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Vet Microbiol. 2003 Dec 30;97(3-4):191-9.

Genes responsible for anaerobic fumarate and arginine metabolism are involved in growth suppression in Salmonella enterica serovar Typhimurium in vitro, without influencing colonisation inhibition in the chicken in vivo.

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  • 1Veterinary Medical Research Institute of the Hungarian Academy of Sciences, H-1143 Budapest, Hungária krt. 21, Hungary. nogradyn@oek.antsz.hu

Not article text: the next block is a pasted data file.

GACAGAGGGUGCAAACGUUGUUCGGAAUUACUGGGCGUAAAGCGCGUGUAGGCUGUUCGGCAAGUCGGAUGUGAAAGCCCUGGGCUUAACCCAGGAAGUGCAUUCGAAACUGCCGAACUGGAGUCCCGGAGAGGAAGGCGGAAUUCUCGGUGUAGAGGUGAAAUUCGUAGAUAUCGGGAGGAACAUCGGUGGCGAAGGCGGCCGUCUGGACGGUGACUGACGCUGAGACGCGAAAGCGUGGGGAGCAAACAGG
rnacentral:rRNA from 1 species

From a collection of over 2800 Salmonella enterica subspecies Enterica serotype Typhimurium F98 Tn5-TC1 insertion mutants 14 were identified as expressing growth-non-suppressive phenotype under strict anaerobic conditions. Sequence analysis of regions flanking the Tn insertions revealed that most of the selected mutants were defective in genes contributing to the anaerobic fumarate uptake and generation (insertions in dcuA, dcuB and aspA), or to the anaerobic L-arginine utilisation pathway (insertions in STM4467 encoding a putative arginine deiminase, and in between speF encoding ornithine decarboxylase and kdpE coding a response regulator protein). Mutants defective in flagellum synthesis (flhA) were also identified. In contrast to the in vitro results, all the mutants colonised 1-day-old chicks efficiently and suppressed the super-infection of chicks by the parent strain. This clearly indicates that neither of the metabolic pathways mentioned above nor motility play essential roles in lower intestinal tract colonisation.

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